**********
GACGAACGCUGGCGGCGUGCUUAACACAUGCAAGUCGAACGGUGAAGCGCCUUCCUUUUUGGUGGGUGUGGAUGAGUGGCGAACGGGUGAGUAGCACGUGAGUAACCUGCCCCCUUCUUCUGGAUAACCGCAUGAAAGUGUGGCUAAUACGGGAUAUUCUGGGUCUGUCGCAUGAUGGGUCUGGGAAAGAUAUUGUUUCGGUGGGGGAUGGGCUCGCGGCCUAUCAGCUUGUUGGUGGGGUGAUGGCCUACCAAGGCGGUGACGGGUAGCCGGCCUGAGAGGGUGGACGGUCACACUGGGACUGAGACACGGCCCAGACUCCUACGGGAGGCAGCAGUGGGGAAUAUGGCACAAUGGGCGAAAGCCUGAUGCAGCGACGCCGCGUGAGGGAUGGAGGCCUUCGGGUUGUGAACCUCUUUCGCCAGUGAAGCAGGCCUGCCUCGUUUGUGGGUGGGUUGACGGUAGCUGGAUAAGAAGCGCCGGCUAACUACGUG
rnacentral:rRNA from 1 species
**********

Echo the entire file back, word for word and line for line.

GACGAACGCUGGCGGCGUGCUUAACACAUGCAAGUCGAACGGUGAAGCGCCUUCCUUUUUGGUGGGUGUGGAUGAGUGGCGAACGGGUGAGUAGCACGUGAGUAACCUGCCCCCUUCUUCUGGAUAACCGCAUGAAAGUGUGGCUAAUACGGGAUAUUCUGGGUCUGUCGCAUGAUGGGUCUGGGAAAGAUAUUGUUUCGGUGGGGGAUGGGCUCGCGGCCUAUCAGCUUGUUGGUGGGGUGAUGGCCUACCAAGGCGGUGACGGGUAGCCGGCCUGAGAGGGUGGACGGUCACACUGGGACUGAGACACGGCCCAGACUCCUACGGGAGGCAGCAGUGGGGAAUAUGGCACAAUGGGCGAAAGCCUGAUGCAGCGACGCCGCGUGAGGGAUGGAGGCCUUCGGGUUGUGAACCUCUUUCGCCAGUGAAGCAGGCCUGCCUCGUUUGUGGGUGGGUUGACGGUAGCUGGAUAAGAAGCGCCGGCUAACUACGUG
rnacentral:rRNA from 1 species